Coronavirus

The Façade of Philanthropy: saviour or self-seeker?

Money. It’s what makes the world go round. It sustains most of our livelihoods, even influences our social connections. Some people are constantly short of it and others possess it in such abundance that they could just about buy anything and everything they wanted.

But what if rather than choosing to invest and multiply their wealth, the rich advocated for redistribution? What if perhaps some of the world’s renowned millionaires and billionaires decided to spread some of this wealth, and put some of those millions to good use, to help those who are needy?

Well some do in fact many take on this civic duty, but behind this charitable frontier often exists an ulterior motive, where philanthropy is often another opportunity for business expansion. With this then, is it possible that those who take out charitable ventures do more harm than good?

What is Big Philanthropy?

Jeff Bezoz, founder of Amazon holding up money (Source: MarketWatch)

Big Philanthropy, describes the act of bestowing colossal sums of money to worthy causes and charities. Charity has existed from time immemorial, and even makes up a fundamental part of many of the oldest religions, such as Islam which sees charity one of the 5 pillars of the religion. Big Philanthropy is a new phenomenon, which has materialised alongside the growth of the number millionaires and billionaires in the world.

Examples of big philanthropists in the modern era include Amazon founder and world’s richest man Jeff Bezos, who contributed $10 million toward climate change prevention and Bill Gates and his wife Melinda committing $36 billion overall to their Foundation which focuses on supporting healthcare in the developing world. Whilst there may be some good in this, because these contributions do in fact lighten the hardships of those they seek to help, the deeper consequences of one person having this much power to change millions of lives, must be considered. Ideology and practice are inseparable, and whilst charity may be framed as a politically neutral, it is never that simple.

Following the outbreak and spread of COVID-19 a few of the world’s billionaires have been attempting to financially support the outbreak. Jack Dorsey is among the most generous who has contributed $1 billion to an LLC to support COVID-19 whilst the Gates have again have stepped to contribute $255 million towards finding treatments and diagnostics testing.

The dark side of charity

There is a suggestion that exists, popularly birthed by a political theorist at Stanford University Rob Reich, who puts forward that these ‘donations’ from the rich are actually an “exercise of power” and that is to move private assets for appraisal, public influence and sometimes money gain all whilst pulling the wool over the eyes of the pubic. Therefore, big philanthropy is essentially smoke and mirrors, trying to hide a bigger plot to obtain more power and money.

Rob Reich a public theorist side to side with cover of his book (Source: Stanford University Master of Liberal Arts)

Big contributors sometimes use these donations as a way to evade paying taxes, as tax regulations differ on sums invested under a charity or foundation. They also have the power to criticise governments on how they organise society, but by stepping in and becoming the hero, using philanthropy as a tool to cover their more selfish actions – tax evasion being a common issue.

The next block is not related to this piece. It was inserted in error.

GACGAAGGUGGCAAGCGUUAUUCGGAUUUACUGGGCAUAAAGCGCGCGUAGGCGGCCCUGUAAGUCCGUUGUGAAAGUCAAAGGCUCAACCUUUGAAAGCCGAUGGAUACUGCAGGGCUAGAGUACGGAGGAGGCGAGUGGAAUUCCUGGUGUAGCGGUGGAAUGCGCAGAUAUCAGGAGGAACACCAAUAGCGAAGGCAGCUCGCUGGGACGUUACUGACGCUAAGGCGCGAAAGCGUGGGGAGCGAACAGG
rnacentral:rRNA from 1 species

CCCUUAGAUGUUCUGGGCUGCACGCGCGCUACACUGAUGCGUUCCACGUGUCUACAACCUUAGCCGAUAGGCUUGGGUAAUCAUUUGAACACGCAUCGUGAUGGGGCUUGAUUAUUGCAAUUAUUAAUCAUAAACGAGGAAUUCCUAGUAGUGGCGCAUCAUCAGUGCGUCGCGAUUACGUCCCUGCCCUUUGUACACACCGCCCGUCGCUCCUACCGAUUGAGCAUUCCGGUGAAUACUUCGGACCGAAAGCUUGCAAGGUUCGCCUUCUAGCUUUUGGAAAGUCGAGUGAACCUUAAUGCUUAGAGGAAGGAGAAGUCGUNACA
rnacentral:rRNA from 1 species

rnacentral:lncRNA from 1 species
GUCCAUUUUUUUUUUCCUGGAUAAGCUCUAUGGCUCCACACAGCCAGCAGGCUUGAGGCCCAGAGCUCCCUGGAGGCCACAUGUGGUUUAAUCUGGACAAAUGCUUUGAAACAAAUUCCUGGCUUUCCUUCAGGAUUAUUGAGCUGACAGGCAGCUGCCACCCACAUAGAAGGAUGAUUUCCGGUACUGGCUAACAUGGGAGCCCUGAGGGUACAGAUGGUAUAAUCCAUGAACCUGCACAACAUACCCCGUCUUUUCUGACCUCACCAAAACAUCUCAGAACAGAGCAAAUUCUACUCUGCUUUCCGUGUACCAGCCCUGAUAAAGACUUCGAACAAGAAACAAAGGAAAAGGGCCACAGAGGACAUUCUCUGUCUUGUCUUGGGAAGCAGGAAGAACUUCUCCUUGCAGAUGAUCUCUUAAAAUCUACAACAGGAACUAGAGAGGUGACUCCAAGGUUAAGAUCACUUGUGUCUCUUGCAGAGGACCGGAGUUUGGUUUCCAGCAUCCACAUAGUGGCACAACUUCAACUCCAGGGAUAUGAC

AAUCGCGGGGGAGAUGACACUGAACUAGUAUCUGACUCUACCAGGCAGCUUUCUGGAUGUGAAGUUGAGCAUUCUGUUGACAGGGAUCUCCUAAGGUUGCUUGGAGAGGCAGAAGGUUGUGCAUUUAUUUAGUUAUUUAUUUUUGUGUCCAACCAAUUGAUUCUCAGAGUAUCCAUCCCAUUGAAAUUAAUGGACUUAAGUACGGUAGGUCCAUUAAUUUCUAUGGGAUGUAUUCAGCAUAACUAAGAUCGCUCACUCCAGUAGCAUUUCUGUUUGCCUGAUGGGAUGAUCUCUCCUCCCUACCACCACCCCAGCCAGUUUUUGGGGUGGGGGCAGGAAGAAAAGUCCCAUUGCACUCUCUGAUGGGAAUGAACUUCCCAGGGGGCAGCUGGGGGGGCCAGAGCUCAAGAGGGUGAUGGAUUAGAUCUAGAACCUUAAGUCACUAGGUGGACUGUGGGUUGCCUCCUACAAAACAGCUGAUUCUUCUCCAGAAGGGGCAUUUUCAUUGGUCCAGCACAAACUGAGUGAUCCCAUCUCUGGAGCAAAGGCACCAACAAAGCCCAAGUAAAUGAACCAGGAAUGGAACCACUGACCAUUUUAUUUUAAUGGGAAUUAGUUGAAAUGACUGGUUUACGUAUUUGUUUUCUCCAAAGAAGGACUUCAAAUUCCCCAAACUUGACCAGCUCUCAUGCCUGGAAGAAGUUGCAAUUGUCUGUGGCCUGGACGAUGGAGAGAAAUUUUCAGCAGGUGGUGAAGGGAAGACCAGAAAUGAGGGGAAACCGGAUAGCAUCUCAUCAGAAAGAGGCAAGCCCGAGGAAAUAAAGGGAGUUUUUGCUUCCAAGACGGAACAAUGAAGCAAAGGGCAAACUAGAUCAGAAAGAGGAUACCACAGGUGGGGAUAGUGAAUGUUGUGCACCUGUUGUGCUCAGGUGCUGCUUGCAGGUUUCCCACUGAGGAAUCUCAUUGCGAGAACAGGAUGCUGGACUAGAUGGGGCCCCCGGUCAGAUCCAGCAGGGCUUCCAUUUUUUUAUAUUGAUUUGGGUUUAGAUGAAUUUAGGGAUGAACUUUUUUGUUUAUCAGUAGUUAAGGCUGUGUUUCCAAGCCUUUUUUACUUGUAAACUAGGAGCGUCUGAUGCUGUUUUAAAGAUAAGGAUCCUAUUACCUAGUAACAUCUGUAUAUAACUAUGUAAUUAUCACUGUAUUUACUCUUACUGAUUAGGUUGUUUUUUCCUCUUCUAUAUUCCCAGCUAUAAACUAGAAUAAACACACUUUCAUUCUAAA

On the other hand, there has been an ulterior motive at hand, and some have been undermining this dire and deadly situation as an opportunity to help support their own companies.

Richard Branson owns Virgin Healthcare Group, which has around 400 contracts across England, and treats around one million people. They are among one of the big winners from NHS privatisation, with profits of £290 million in 2019. A regular big philanthropist but someone who has also been labelled a parasite on the NHS; he has evaded taxes on £2 billion worth of taxes as well as sueing the NHS for not being awarded a £83 million private contract. Despite this, he has sought donations to apparently support the NHS, using a ‘Run 5 Donate 5 Tag 5 challenge’ which has gone viral in the past couple of weeks.

Group protesting against Virgin’s expansion into the healthcare sector at the expense of the NHS (Source: The Guardian)

Through his Virgin Giving platform he takes a profit cut from the kind donations from those trying to help support the key workers relentlessly working to care for the ill and vulnerable. It would be much more commendable for Branson to pay his due taxes; that is if he genuinely cared and wasn’t doing this to exploit the general public’s kindness.

A double edged sword

Forbes has currently tracked out of the 77 billionaires that donate money, 23 did not disclose where the money actually goes. So when it comes to Virgin Giving, how do we even know all of it is being channelled into healthcare? And even if it is, it directly takes a cut from resources that the NHS could use. Surely it would be better for there to be one centralised and regulated body to combat and fund social issues? But it would seem that the social inequalities that deepen under globalisation are at the mercy of those same wealthiest individuals who call themselves philanthropists.

Benedicta Denteh
Benedicta Denteh is currently studying Arabic and French at the University of Manchester and hopes to become a linguist and broadcast journalist in the future. In her free time, she enjoys learning about African development and issues to do with race, society and culture. Benedicta also takes pleasure in acting, travelling and promoting plant-based eating.

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